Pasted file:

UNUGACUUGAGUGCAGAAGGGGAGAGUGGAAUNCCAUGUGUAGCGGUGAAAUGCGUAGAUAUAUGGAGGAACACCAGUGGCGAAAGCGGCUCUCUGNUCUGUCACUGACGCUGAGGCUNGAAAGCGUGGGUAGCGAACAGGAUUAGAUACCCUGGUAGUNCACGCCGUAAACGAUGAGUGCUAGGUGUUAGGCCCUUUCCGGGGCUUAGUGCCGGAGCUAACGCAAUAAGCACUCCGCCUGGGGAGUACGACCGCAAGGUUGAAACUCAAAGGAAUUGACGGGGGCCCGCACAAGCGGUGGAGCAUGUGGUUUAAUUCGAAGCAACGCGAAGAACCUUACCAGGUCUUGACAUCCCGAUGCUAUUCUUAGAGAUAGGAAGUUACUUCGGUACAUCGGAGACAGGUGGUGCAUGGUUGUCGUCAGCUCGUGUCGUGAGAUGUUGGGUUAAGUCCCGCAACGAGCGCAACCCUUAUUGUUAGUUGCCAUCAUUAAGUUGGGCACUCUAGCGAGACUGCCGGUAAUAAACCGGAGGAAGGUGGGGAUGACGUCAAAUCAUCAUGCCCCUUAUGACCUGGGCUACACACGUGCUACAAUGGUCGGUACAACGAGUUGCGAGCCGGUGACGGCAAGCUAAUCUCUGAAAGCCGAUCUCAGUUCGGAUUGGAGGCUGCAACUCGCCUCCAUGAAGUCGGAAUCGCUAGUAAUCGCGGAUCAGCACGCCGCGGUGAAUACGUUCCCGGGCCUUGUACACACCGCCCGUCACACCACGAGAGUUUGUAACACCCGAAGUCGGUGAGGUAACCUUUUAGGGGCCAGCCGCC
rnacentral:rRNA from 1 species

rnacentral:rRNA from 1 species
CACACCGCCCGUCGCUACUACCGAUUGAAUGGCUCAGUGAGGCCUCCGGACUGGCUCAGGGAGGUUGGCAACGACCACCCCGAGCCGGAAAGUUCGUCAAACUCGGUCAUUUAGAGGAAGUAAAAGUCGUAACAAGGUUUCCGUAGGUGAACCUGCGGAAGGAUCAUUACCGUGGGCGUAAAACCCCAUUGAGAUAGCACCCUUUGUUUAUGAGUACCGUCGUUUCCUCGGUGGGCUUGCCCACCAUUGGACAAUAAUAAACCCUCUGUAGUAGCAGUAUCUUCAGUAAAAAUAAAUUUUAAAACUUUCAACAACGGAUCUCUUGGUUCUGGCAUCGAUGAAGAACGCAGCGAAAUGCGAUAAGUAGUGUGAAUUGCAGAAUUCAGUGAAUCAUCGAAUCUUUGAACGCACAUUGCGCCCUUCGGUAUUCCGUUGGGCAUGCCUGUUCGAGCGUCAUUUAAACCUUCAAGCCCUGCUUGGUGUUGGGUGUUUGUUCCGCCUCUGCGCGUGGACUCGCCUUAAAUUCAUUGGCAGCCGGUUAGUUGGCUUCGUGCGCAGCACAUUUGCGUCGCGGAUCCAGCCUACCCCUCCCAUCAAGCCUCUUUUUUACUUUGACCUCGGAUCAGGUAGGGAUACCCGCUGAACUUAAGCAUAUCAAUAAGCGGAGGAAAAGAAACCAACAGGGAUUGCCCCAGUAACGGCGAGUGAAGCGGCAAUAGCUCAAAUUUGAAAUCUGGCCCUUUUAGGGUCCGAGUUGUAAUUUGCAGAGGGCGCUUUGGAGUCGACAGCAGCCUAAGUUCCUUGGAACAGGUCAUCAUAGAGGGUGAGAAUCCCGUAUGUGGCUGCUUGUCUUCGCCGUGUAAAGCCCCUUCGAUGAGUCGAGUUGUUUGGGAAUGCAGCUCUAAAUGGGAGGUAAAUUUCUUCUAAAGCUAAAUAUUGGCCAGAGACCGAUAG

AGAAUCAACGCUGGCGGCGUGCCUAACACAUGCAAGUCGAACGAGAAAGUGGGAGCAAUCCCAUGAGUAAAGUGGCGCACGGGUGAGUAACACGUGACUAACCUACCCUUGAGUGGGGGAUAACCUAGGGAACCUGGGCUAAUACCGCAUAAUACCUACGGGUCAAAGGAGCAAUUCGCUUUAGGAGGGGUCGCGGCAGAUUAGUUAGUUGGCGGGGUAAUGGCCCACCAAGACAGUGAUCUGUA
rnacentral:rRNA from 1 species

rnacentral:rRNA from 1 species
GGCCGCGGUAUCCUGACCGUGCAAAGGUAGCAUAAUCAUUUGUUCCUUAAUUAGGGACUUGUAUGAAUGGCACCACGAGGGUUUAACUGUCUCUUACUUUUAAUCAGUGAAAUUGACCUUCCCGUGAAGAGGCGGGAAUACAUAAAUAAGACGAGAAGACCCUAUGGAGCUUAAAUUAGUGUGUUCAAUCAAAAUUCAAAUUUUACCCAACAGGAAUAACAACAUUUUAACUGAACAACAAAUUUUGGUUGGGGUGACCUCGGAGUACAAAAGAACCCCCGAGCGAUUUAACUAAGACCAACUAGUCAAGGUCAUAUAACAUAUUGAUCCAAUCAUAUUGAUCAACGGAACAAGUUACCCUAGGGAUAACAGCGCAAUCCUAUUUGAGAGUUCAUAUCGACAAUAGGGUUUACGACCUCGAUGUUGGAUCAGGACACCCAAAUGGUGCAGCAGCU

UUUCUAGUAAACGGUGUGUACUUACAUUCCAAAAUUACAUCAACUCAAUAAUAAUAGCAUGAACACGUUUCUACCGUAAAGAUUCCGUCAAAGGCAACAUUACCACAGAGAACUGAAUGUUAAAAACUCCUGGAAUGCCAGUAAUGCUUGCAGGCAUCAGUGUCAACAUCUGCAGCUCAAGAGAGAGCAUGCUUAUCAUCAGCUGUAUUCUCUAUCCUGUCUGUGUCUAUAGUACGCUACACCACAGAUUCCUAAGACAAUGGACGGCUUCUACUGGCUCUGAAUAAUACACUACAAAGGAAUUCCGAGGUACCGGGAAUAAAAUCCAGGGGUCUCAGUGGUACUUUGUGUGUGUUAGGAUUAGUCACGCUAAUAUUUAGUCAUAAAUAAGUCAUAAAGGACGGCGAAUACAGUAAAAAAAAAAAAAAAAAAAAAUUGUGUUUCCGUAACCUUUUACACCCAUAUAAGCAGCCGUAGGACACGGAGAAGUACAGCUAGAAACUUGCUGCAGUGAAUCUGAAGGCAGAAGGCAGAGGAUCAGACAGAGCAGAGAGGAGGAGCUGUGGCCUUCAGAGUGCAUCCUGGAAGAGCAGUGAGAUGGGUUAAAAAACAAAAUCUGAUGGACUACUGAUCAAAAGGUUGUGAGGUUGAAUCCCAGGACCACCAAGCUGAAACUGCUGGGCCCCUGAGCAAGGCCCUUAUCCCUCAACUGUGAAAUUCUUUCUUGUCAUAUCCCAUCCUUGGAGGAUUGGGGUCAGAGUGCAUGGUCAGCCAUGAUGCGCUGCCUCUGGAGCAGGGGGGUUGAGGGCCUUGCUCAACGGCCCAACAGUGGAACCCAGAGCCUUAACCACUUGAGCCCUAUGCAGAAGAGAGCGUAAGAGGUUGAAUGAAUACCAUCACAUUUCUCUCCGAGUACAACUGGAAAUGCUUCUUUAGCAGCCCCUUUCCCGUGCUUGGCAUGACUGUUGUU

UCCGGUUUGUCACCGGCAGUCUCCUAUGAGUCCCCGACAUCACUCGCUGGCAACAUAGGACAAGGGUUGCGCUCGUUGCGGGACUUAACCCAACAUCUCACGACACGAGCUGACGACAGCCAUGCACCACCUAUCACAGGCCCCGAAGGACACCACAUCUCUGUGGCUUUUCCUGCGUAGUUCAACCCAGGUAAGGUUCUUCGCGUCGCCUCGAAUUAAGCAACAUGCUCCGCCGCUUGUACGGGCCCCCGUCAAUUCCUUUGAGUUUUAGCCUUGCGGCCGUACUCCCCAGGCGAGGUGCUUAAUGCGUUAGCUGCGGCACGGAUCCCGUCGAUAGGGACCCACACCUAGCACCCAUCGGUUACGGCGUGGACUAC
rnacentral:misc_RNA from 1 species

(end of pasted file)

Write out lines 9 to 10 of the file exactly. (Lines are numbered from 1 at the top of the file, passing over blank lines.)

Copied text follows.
UUUCUAGUAAACGGUGUGUACUUACAUUCCAAAAUUACAUCAACUCAAUAAUAAUAGCAUGAACACGUUUCUACCGUAAAGAUUCCGUCAAAGGCAACAUUACCACAGAGAACUGAAUGUUAAAAACUCCUGGAAUGCCAGUAAUGCUUGCAGGCAUCAGUGUCAACAUCUGCAGCUCAAGAGAGAGCAUGCUUAUCAUCAGCUGUAUUCUCUAUCCUGUCUGUGUCUAUAGUACGCUACACCACAGAUUCCUAAGACAAUGGACGGCUUCUACUGGCUCUGAAUAAUACACUACAAAGGAAUUCCGAGGUACCGGGAAUAAAAUCCAGGGGUCUCAGUGGUACUUUGUGUGUGUUAGGAUUAGUCACGCUAAUAUUUAGUCAUAAAUAAGUCAUAAAGGACGGCGAAUACAGUAAAAAAAAAAAAAAAAAAAAAUUGUGUUUCCGUAACCUUUUACACCCAUAUAAGCAGCCGUAGGACACGGAGAAGUACAGCUAGAAACUUGCUGCAGUGAAUCUGAAGGCAGAAGGCAGAGGAUCAGACAGAGCAGAGAGGAGGAGCUGUGGCCUUCAGAGUGCAUCCUGGAAGAGCAGUGAGAUGGGUUAAAAAACAAAAUCUGAUGGACUACUGAUCAAAAGGUUGUGAGGUUGAAUCCCAGGACCACCAAGCUGAAACUGCUGGGCCCCUGAGCAAGGCCCUUAUCCCUCAACUGUGAAAUUCUUUCUUGUCAUAUCCCAUCCUUGGAGGAUUGGGGUCAGAGUGCAUGGUCAGCCAUGAUGCGCUGCCUCUGGAGCAGGGGGGUUGAGGGCCUUGCUCAACGGCCCAACAGUGGAACCCAGAGCCUUAACCACUUGAGCCCUAUGCAGAAGAGAGCGUAAGAGGUUGAAUGAAUACCAUCACAUUUCUCUCCGAGUACAACUGGAAAUGCUUCUUUAGCAGCCCCUUUCCCGUGCUUGGCAUGACUGUUGUU

UCCGGUUUGUCACCGGCAGUCUCCUAUGAGUCCCCGACAUCACUCGCUGGCAACAUAGGACAAGGGUUGCGCUCGUUGCGGGACUUAACCCAACAUCUCACGACACGAGCUGACGACAGCCAUGCACCACCUAUCACAGGCCCCGAAGGACACCACAUCUCUGUGGCUUUUCCUGCGUAGUUCAACCCAGGUAAGGUUCUUCGCGUCGCCUCGAAUUAAGCAACAUGCUCCGCCGCUUGUACGGGCCCCCGUCAAUUCCUUUGAGUUUUAGCCUUGCGGCCGUACUCCCCAGGCGAGGUGCUUAAUGCGUUAGCUGCGGCACGGAUCCCGUCGAUAGGGACCCACACCUAGCACCCAUCGGUUACGGCGUGGACUAC